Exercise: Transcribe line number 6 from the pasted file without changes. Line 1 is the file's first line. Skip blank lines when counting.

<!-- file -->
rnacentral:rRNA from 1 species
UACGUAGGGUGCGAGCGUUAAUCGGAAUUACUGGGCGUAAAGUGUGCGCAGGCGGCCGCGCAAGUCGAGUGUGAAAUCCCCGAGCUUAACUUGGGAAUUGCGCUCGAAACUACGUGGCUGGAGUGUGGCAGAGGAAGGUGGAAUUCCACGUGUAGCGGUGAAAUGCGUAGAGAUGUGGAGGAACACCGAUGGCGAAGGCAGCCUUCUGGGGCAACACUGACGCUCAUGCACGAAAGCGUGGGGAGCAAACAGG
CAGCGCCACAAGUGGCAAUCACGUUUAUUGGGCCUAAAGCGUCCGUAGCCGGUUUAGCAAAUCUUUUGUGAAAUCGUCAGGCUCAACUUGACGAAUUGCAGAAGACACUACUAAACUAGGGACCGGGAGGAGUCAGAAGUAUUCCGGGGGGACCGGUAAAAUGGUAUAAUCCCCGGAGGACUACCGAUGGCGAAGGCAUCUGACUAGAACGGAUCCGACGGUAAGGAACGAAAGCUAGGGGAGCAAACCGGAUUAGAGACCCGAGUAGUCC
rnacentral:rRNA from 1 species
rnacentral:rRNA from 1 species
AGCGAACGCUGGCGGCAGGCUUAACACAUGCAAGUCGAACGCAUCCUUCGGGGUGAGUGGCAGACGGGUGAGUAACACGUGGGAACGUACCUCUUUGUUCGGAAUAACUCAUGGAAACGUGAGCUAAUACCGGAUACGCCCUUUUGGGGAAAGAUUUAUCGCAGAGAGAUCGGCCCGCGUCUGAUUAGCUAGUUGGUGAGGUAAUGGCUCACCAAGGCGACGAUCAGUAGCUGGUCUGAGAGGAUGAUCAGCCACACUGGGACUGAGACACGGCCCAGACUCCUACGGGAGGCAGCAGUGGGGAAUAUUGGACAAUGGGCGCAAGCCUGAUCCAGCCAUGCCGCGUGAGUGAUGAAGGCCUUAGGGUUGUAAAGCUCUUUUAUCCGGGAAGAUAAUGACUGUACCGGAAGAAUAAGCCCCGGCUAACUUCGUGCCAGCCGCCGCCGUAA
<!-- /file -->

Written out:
AGCGAACGCUGGCGGCAGGCUUAACACAUGCAAGUCGAACGCAUCCUUCGGGGUGAGUGGCAGACGGGUGAGUAACACGUGGGAACGUACCUCUUUGUUCGGAAUAACUCAUGGAAACGUGAGCUAAUACCGGAUACGCCCUUUUGGGGAAAGAUUUAUCGCAGAGAGAUCGGCCCGCGUCUGAUUAGCUAGUUGGUGAGGUAAUGGCUCACCAAGGCGACGAUCAGUAGCUGGUCUGAGAGGAUGAUCAGCCACACUGGGACUGAGACACGGCCCAGACUCCUACGGGAGGCAGCAGUGGGGAAUAUUGGACAAUGGGCGCAAGCCUGAUCCAGCCAUGCCGCGUGAGUGAUGAAGGCCUUAGGGUUGUAAAGCUCUUUUAUCCGGGAAGAUAAUGACUGUACCGGAAGAAUAAGCCCCGGCUAACUUCGUGCCAGCCGCCGCCGUAA